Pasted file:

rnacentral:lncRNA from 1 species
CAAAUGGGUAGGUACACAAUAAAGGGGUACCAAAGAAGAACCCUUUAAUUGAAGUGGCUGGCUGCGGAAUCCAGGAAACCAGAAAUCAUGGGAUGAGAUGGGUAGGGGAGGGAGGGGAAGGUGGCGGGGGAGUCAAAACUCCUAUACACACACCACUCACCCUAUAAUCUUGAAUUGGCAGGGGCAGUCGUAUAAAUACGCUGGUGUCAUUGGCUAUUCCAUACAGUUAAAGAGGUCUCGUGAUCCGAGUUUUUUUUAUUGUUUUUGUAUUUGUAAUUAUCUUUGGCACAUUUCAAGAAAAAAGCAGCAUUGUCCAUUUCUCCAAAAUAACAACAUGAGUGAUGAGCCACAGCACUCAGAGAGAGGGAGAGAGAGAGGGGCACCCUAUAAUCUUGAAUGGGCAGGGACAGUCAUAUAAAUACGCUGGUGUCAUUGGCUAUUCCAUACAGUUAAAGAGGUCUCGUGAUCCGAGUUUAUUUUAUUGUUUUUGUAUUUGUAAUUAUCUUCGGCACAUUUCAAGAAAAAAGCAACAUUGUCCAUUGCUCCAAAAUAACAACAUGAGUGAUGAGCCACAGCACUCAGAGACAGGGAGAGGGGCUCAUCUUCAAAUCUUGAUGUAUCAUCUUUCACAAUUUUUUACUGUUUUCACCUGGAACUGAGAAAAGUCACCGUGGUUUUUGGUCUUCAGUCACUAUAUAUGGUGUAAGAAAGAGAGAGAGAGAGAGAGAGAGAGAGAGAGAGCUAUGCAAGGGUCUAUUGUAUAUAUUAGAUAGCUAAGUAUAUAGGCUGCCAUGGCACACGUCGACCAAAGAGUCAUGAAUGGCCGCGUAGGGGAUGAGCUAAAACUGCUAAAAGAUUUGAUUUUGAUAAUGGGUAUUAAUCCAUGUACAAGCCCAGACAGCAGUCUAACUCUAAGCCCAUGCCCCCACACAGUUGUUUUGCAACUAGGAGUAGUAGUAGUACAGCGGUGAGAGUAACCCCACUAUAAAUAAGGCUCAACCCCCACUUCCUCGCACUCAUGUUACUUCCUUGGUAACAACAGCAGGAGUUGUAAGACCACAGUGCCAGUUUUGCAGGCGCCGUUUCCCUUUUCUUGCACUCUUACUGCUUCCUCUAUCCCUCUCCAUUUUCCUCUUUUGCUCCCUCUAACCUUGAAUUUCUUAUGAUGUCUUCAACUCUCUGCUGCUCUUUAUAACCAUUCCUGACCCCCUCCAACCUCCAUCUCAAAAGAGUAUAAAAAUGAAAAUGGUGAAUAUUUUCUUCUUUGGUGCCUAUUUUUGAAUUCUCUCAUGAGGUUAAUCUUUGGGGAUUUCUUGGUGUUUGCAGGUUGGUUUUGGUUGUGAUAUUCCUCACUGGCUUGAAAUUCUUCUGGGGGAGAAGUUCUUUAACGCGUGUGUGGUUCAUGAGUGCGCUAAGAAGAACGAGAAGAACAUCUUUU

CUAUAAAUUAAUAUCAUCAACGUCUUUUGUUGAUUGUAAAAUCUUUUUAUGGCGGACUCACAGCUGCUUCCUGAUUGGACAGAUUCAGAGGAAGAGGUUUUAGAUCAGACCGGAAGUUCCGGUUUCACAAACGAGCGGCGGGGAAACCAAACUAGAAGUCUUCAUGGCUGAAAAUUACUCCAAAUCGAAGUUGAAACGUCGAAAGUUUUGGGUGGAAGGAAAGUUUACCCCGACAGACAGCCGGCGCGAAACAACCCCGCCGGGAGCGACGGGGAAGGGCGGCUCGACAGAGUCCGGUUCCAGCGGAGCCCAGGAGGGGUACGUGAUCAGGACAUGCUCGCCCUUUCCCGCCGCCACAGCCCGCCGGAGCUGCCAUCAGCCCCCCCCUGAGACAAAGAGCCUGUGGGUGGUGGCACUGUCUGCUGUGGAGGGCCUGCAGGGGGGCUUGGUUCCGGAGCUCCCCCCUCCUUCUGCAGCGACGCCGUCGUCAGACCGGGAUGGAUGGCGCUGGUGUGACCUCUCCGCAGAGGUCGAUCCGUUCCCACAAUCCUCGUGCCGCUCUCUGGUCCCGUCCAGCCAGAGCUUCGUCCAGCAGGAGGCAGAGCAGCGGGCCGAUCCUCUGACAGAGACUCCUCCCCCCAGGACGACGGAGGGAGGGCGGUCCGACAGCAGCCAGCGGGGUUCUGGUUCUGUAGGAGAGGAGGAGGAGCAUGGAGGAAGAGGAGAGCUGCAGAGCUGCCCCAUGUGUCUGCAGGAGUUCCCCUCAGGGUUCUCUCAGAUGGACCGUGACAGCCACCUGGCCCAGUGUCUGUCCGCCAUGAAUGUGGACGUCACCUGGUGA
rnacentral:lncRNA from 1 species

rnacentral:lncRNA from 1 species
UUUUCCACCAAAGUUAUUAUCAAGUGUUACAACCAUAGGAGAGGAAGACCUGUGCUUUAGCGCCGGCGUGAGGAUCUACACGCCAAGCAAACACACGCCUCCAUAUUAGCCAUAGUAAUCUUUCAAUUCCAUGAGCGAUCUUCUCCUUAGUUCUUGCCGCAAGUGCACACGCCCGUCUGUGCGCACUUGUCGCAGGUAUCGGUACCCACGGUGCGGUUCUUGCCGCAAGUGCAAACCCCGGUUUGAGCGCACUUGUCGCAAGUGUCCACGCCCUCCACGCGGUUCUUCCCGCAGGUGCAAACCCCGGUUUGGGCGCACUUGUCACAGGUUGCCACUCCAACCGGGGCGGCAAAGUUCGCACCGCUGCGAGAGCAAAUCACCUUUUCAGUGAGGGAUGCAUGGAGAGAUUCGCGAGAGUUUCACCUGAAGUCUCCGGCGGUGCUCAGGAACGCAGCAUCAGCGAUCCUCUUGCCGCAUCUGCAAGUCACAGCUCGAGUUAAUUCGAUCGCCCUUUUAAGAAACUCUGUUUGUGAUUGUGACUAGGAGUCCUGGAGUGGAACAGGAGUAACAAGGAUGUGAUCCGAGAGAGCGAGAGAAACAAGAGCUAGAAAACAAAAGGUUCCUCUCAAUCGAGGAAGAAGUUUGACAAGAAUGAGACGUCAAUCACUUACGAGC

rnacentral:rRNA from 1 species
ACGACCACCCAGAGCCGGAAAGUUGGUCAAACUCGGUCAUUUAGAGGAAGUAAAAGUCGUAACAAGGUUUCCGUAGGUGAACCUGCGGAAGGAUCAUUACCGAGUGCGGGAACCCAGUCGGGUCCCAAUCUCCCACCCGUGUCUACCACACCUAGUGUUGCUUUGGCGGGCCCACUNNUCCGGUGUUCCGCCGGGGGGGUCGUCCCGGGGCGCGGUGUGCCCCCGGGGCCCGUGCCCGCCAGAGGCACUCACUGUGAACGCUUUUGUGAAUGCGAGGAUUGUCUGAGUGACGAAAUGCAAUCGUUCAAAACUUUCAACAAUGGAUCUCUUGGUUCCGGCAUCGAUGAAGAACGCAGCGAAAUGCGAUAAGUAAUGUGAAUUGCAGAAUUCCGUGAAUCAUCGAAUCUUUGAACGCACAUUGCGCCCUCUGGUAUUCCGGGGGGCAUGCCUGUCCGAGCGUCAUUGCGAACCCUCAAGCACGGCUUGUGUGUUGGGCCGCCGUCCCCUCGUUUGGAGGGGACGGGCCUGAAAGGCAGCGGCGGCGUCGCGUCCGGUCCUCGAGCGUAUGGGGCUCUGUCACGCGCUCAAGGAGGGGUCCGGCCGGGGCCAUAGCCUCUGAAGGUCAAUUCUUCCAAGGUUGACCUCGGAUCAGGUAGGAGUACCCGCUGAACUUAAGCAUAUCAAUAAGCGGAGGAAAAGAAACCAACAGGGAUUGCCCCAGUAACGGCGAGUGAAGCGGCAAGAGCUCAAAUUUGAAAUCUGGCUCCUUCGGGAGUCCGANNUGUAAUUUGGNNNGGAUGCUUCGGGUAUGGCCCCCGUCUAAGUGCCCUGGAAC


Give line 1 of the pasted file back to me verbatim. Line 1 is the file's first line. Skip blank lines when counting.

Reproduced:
rnacentral:lncRNA from 1 species